Christ loves the little children, no matter their color
White, black or brown, from China or from Japan,
All the children are loved by Christ the Savior.
What a beautiful song!
Of course, the Bible says Christ loves the little children. In Matthew 19:14, He says, "Let the children come to Me, and do not hinder them, for of such is the kingdom of heaven."
The Lord also has commanded us to show kindness toward foreigners. Deuteronomy 27:19 say, "
También el Señor nos ha mandado hospedaje a los extranjeros. Deuteronomio 27.19 dice ""Cursed be anyone who perverts the justice due to the sojourner, the fatherless, and the widow." Also, Matthew 25:34-36 says , "Then the King will say to those on his right, 'Come, you who are blessed by my Father, inherit the kingdom prepared for you from the foundation of the world. For I was hungry and you gave me food, I was thirsty and you gave me drink, I was a stranger and you welcomed me, I was naked and you clothed me, I was sick and you visited me, I was in prison and you came to me."
And there's more. Simon Peter said in Acts 10:34-35, "Truly I understand that God shows no partiality, but in every nation anyone who fears him and does what is right is acceptable to him." That is to say, the grace of God is for all nations as the Lord says in Matthew 28:19, "Make disciples of all nations, baptizing them in the name of the Father, and of the Son, and of the Holy Spirit."
In holy baptism we are one body, the Body of Christ. And we understand "all nations" to include all human beings: children, youth and the elderly should be baptized. In the glory that is to come, the saints in front of the throne of Christ will include all nations, tribes and languages (Revelation 7:9).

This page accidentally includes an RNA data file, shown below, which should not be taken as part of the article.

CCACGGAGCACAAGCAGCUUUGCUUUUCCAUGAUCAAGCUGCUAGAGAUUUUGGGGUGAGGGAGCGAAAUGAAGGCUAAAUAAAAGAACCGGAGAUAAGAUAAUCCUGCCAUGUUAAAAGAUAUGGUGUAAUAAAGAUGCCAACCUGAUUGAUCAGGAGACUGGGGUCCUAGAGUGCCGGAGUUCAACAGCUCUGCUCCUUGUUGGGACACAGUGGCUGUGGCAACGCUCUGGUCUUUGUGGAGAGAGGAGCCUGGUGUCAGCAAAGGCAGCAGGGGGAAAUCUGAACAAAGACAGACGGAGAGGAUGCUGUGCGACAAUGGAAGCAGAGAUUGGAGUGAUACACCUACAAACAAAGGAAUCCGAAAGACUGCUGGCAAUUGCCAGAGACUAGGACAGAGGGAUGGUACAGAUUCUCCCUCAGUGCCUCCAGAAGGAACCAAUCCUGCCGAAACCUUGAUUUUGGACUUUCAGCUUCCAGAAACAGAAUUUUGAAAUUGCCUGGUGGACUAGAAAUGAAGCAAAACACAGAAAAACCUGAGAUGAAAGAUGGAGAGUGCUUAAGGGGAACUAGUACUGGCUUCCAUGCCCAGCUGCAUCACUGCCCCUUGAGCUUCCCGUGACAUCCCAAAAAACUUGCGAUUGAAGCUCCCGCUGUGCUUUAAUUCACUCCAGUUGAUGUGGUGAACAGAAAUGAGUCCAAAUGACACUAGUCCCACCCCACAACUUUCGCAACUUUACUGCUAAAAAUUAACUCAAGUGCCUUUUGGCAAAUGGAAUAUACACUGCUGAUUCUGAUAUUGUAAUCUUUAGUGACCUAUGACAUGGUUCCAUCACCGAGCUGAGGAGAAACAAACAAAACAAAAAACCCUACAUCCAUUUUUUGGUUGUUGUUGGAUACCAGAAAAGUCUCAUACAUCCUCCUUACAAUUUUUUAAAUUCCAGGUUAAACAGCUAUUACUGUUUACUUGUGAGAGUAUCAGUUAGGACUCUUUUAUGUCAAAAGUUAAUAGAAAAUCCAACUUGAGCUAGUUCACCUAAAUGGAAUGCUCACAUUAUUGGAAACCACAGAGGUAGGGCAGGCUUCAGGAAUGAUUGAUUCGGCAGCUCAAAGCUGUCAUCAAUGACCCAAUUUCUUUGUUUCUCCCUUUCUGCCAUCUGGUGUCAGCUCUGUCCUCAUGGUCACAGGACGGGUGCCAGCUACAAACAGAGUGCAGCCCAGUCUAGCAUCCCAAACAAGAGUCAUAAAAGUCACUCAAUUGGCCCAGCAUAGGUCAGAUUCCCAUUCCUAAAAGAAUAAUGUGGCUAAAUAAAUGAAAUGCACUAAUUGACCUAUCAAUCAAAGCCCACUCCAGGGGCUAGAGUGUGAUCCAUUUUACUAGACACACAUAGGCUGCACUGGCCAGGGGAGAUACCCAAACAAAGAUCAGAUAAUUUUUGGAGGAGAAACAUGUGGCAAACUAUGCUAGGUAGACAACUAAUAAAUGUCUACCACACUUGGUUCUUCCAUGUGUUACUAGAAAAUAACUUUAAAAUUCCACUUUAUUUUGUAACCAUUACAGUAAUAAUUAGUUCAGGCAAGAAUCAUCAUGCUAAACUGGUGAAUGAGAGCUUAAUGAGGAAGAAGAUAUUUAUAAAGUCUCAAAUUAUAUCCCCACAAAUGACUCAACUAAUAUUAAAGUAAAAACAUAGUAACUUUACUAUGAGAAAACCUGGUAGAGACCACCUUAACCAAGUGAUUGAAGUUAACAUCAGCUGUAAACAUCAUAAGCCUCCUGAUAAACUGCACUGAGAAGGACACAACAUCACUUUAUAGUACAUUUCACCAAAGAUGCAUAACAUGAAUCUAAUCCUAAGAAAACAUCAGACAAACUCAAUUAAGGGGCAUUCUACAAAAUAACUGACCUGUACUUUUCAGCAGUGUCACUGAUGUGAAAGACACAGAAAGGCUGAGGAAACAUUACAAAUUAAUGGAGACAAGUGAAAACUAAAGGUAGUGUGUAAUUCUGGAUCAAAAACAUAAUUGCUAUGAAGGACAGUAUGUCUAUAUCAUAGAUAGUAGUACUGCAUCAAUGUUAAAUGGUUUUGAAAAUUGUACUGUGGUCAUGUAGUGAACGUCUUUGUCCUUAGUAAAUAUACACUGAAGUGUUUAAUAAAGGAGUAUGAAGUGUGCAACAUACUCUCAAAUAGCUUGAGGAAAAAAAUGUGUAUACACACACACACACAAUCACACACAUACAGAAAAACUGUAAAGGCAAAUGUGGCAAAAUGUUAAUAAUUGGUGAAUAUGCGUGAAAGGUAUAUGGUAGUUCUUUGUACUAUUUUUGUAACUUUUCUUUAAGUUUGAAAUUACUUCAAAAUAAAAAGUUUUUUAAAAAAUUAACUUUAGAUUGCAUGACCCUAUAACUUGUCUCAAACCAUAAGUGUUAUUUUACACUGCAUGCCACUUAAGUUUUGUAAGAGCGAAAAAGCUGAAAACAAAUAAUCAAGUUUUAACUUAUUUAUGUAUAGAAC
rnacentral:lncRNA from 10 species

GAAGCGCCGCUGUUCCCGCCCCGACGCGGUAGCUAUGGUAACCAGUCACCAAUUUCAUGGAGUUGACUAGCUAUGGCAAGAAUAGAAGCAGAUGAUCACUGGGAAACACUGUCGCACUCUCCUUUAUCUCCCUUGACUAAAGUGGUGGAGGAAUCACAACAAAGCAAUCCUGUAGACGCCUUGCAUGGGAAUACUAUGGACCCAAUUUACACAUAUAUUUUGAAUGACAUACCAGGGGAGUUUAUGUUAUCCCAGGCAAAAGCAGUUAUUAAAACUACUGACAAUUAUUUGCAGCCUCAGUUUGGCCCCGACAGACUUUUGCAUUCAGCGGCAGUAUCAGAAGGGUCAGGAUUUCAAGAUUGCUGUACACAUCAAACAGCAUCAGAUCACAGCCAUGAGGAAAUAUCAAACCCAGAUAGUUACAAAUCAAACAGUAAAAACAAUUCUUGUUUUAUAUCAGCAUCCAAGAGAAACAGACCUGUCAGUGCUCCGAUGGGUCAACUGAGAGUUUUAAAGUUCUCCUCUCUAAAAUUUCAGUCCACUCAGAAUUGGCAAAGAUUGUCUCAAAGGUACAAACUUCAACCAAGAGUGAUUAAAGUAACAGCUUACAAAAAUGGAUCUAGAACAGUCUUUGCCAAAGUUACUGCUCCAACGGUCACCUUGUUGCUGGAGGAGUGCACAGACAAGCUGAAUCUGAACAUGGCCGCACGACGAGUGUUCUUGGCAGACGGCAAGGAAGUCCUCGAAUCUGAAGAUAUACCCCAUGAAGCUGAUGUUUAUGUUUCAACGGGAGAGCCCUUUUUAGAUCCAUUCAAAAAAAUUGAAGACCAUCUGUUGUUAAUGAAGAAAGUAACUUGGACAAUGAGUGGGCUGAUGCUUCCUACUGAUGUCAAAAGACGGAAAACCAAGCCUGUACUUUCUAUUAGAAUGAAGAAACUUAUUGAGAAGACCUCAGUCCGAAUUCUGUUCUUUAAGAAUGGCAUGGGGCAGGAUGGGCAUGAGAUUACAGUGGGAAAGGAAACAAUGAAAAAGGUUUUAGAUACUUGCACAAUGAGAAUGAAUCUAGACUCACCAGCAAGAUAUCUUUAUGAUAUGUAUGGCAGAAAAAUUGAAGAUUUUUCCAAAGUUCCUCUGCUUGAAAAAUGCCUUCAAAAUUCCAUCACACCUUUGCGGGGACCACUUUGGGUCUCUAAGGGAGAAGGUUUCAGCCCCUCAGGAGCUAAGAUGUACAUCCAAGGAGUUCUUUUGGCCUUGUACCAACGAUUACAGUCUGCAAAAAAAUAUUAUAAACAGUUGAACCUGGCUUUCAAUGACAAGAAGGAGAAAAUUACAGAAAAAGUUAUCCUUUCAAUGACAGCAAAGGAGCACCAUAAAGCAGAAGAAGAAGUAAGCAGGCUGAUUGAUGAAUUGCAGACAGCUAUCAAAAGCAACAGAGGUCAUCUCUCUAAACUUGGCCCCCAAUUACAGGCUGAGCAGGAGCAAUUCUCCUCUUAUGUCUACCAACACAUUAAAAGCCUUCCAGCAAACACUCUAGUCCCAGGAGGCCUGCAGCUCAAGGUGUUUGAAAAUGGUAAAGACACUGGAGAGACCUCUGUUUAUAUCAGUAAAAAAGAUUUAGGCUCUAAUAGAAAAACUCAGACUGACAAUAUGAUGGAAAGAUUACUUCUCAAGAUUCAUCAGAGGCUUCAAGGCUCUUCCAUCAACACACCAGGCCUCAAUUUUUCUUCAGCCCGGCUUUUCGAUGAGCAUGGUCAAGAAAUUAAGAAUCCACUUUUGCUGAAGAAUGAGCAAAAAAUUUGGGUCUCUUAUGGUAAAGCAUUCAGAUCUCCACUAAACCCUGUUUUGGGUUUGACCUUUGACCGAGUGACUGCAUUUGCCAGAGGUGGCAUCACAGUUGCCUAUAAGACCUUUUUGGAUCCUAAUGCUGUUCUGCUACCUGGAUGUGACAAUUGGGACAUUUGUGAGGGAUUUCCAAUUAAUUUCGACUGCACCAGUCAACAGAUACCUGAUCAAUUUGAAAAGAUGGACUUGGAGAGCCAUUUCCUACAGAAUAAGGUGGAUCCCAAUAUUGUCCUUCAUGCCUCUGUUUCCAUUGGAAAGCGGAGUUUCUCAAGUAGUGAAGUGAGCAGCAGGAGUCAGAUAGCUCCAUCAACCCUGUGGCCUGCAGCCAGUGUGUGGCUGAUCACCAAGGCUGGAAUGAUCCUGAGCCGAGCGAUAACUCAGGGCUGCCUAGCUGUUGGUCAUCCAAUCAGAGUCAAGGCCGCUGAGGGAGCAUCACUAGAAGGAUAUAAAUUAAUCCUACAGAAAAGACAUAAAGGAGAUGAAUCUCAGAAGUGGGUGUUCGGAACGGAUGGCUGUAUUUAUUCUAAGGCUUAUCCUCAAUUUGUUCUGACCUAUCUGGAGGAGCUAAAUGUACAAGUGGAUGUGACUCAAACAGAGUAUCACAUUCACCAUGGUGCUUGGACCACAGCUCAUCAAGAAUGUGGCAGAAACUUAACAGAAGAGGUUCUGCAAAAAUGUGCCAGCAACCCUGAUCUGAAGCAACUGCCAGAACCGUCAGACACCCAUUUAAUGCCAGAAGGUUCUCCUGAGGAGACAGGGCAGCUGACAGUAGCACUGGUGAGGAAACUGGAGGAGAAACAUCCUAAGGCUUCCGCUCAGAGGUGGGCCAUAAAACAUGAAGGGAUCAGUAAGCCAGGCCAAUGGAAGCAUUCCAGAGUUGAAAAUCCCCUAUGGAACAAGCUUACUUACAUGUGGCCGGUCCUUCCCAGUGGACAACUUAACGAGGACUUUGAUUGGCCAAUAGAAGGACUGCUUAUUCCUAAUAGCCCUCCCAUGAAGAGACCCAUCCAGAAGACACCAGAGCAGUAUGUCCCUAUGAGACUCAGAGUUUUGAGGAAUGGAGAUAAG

So we should sing, "Christ loves all the little children, no matter their color." Sadly, to small children color does not matter, but in the conflicts of this sinful world, it does. Apart from the light of Christ, we find the reality of nation against nation, people against people, race against race. However, amid the war and hatred, we remember that God does not judge in the manner of sinful men.
That is one point of the parable of the Good Samaritan. For the Jews who were listening to Jesus, the Samaritans were outcasts, because they were descendants of Jews who had married pagans. They were not of the pure blood of Abraham and had their own religion, a mixture of parts of the Old Testament and other traditions. Furthermore, the ancestors of the Samaritans had attacked the Jews who had returned to the Promised Land from captivity in Persia. The Jews and Samaritans had reasons for their enmity.
However, for the Samaritan in the parable, the first priority was helping another human being in need. This is the true righteousness that God wants to see in us, regardless of our origin or past life. The religiosity of the priest and the Levit was false, because he who does not show love to his neighbor does not love God.
And there is still more. Another point to the parable is when we still were enemies of God, lost in sin, Christ rescued us. He did not pay for our remedy with gold or silver, but with His own blood on the cross. For us, this is another motive to show mercy to others as Christ has shown mercy toward us.
God does not desire anyone's destruction, neither Samaritans nor Jews, nor Arabs in the Middle East. All are children of God, in the first place because of the God's creation of Adam and Eve, and in the second place, because of the suffering, death and resurrection of Christ. Color does not matter, nor age, nor socio-economic status, all of you are precious in God's sight and the promise of eternal life is yours. Amen.
Send Pastor David Ernst an email.